The work includes development of quantum memories for quantum repeaters for long-distance quantum cryptography. Our quantum hardware, rare-earth-ion-doped crystals, is kept at cryogenic temperatures (~2 K). Carefully crafted light pulses and specially designed laser–matter interaction schemes are used to manipulate and fully control the wave functions of these quantum mechanical systems.
For quantum gates and quantum processing schemes Qubits, or quantum bits, are prepared in well-defined initial states; qubit state-to-state transfer efficiency are >97%, and arbitrary single qubit operations can be carried out with fidelities >90%, as determined by full quantum state tomography. Developing the hardware required for studies of quantum information is a highly challenging and inspiring task. Controlling and mastering the phase of the wave function is key to utilizing the full power of quantum mechanical systems for applications in information science, as well as in other areas. This requires a laser system with a coherence time on par or better than that of the atomic medium. At the LLC, a dye-laser system has been stabilized towards a target line width ~10 Hz and a fully computerized light pulse amplitude and phase control system has been developed.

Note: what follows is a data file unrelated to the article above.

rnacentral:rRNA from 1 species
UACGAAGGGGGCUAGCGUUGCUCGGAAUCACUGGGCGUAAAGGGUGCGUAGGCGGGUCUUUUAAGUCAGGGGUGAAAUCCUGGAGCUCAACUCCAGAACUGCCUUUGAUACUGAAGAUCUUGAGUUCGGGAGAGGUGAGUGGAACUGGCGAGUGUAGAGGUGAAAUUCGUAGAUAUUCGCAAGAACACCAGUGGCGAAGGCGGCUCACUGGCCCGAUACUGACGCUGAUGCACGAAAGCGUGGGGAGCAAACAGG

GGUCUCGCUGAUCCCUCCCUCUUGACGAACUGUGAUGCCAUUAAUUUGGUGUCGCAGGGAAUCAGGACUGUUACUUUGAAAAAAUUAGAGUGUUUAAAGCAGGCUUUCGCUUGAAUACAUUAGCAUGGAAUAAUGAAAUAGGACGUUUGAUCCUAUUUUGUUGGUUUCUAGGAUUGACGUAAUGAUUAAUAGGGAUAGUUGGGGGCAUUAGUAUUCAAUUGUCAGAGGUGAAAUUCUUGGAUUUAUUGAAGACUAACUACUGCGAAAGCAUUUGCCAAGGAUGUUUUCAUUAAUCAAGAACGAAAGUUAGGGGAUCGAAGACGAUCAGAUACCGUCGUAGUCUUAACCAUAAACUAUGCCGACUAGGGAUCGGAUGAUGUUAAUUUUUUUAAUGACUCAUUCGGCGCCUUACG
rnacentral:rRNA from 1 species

Ongoing work includes quantum memories, developing ensemble based two-qubit gates and implementing quantum processing schemes with improved scalability, particularly single ion detection schemes. These single ion schemes involve either Purcell enhancement of weak transitions using micro-cavities or dedicated readout ions (Ce) with closed transitions that can be cycled.